So yes, there are more birds than drones and the law of large numbers means that there will be more total bird strikes; but I think that we may end up seeing the number of drone strikes as a percentage of drones flying being much higher.
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If you are confident in you abilities and experience, whether someone else is impressed is irrelevant. - Eclipse
Cliff_Chambliss
Seasoned Member

Posts: 409

« Reply #5 on: May 09, 2017, 09:12:04 AM »

well yes, the technology is there to build aircraft bird/drone proof or highly resistant windshields.  It can be done.  How much payload are you willing to give up?  30 years ago the Cessna 182 was a true fill the tanks, fill the seats airplane and go.  But people got bigger, pilots wanted more range (bigger fuel tanks) and more equipment, etc. and today the C-182 is fill the tanks and depending on crew weight you have a 3 or maybe even 2 seat airplane.  Now add a heavy windshield and you may have a single seat airplane.  Everything is a compromise.  seats, range, economy, equipment, etc.  To maximize anything something else must be reduced or eliminated.  So again, to get maximum bird/drone protection what are you (the pilot) willing to give up?
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2d Armored Cavalry Regiment
3d Infantry Division
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ARMY:  Because even the Marines need heros.    
CAVALRY:  If it were easy it would be called infantry.
THRAWN
Salty & Seasoned Contributor

Posts: 1,876

« Reply #6 on: May 09, 2017, 09:58:12 AM »

Here's a forward looking idea:  Replace the wind screen with something that will take a full on smack by an average (or larger) drone.

http://www.capitalpress.com/Profit/20170504/ag-pilots-take-precautions-as-drones-proliferate

Yesterday I wrapped up my annual 135 training and heard about drones operating (illegally) within fire TFRs.  It's easy to image someone (family member, friend, lookie loo) who decides to do the vigilante thing during a SAR or other mission - at the altitudes CAP aircraft occupy in these mission types.  SAR, DR, etc. often don't get TFRs until the final rescue or recovery op occurs.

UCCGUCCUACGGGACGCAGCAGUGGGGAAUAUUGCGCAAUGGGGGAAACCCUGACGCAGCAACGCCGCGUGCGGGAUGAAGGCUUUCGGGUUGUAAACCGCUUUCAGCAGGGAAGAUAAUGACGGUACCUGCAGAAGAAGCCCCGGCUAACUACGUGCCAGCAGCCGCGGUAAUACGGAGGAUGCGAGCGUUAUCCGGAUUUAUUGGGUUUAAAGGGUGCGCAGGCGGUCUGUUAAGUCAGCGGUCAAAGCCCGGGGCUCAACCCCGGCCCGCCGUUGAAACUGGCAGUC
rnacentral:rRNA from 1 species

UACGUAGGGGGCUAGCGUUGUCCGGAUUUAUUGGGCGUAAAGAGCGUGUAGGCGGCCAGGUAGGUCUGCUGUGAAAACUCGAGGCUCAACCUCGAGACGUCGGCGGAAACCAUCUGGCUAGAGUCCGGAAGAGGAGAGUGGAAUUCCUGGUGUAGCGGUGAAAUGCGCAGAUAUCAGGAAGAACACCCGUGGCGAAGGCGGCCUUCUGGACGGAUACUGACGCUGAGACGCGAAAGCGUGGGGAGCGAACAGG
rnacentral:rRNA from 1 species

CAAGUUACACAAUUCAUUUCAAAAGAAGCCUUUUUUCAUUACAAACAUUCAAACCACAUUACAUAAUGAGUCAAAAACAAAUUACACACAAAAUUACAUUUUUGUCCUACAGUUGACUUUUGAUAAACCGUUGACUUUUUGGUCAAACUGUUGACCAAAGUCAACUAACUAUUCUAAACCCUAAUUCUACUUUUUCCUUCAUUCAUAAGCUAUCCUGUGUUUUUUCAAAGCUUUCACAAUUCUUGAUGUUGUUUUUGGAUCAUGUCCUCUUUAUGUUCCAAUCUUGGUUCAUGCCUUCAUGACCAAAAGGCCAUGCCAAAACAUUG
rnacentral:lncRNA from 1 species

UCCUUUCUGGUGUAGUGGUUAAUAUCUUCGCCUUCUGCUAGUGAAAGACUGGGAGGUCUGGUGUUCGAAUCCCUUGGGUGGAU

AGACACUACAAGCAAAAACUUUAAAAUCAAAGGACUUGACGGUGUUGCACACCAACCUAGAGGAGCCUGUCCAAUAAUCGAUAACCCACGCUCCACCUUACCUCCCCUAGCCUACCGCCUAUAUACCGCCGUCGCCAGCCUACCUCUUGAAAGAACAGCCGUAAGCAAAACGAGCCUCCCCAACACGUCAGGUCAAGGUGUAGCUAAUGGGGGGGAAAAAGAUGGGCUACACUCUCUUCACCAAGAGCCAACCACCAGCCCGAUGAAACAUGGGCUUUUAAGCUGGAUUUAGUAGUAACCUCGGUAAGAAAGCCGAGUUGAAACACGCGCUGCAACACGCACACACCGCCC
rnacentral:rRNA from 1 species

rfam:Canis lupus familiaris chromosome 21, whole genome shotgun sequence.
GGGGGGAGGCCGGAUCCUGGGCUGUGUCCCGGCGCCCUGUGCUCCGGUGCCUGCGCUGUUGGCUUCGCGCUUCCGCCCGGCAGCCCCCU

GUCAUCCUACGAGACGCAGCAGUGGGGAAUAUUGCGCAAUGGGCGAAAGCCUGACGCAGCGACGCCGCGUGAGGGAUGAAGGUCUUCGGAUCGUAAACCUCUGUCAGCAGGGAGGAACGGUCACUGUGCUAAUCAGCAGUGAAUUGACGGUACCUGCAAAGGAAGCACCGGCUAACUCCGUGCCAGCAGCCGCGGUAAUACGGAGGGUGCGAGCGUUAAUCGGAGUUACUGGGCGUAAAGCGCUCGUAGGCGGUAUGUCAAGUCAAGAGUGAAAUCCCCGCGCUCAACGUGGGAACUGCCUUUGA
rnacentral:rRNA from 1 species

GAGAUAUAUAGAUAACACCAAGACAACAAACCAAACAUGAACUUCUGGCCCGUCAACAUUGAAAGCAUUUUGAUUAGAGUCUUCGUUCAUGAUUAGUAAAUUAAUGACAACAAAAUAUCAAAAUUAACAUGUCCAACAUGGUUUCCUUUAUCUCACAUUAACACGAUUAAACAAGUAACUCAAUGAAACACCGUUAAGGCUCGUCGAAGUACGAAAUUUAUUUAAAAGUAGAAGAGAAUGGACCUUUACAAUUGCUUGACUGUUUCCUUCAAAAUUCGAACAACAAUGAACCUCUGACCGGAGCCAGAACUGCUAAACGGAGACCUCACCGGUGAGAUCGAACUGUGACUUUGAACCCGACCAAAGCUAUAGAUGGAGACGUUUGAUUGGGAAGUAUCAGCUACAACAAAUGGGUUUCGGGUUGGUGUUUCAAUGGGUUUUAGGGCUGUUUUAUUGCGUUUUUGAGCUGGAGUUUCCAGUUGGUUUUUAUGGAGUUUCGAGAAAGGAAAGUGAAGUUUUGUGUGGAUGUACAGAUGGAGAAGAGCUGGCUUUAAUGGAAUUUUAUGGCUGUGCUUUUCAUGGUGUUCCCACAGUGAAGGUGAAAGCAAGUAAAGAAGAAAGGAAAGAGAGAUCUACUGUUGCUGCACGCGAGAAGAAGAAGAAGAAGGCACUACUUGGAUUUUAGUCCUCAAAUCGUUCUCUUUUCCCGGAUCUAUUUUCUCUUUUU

While not a totally reliable scientific resource, Mythbusters did some testing on GA plane windshields. They use frozen and not frozen chickens on standard windshields and found them pretty lacking. I don't recall how fast they were chucking them at the windshields, but I'm guessing about 100 mph.

Given that tidbit, I have a couple of comments. First - a drone is not the same as a bird. The mass concentration is different. There is a central mass surrounded by appendages with motors and props. A significant amount of energy is expended when the extremities of the drone are crushed, and the energy is spread out over a larger area..

Second - beefing up the windshields will likely triple their weight, and possibly affect the weight distribution of the plane. Modern GA planes already have added weight issues based on heavier new systems.

This seems like a solution in search of a problem.

But, Dave, it's trendy and full of buzzwords so let's cut a check and wonder if they'll build it in my district....
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Strup
"Belligerent....at times...."
AFRCC SMC 10-97
NSS ISC 05-00
USAF SOS 2000
USAF ACSC 2011
US NWC 2016